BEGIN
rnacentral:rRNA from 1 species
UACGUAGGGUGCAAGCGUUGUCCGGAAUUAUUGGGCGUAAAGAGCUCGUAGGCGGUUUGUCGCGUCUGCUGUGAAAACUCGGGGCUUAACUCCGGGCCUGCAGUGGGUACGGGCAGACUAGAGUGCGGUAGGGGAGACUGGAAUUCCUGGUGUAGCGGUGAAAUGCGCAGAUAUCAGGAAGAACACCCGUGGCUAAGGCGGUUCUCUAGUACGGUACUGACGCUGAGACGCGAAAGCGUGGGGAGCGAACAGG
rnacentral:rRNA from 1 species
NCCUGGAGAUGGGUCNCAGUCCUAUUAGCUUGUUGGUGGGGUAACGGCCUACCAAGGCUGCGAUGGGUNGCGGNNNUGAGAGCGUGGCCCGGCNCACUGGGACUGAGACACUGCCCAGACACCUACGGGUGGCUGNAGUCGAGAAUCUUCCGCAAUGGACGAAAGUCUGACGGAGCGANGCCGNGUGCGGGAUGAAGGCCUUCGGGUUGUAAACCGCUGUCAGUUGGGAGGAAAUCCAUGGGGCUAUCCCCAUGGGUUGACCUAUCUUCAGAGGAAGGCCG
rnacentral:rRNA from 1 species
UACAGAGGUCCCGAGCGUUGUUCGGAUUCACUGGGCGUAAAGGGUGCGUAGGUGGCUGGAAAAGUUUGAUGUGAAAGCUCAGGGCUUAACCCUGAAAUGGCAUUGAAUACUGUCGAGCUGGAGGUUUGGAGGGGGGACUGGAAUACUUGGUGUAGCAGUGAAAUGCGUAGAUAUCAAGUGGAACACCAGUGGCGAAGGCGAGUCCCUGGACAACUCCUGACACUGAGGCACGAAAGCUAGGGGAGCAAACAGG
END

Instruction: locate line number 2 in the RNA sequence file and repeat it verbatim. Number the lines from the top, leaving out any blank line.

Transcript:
UACGUAGGGUGCAAGCGUUGUCCGGAAUUAUUGGGCGUAAAGAGCUCGUAGGCGGUUUGUCGCGUCUGCUGUGAAAACUCGGGGCUUAACUCCGGGCCUGCAGUGGGUACGGGCAGACUAGAGUGCGGUAGGGGAGACUGGAAUUCCUGGUGUAGCGGUGAAAUGCGCAGAUAUCAGGAAGAACACCCGUGGCUAAGGCGGUUCUCUAGUACGGUACUGACGCUGAGACGCGAAAGCGUGGGGAGCGAACAGG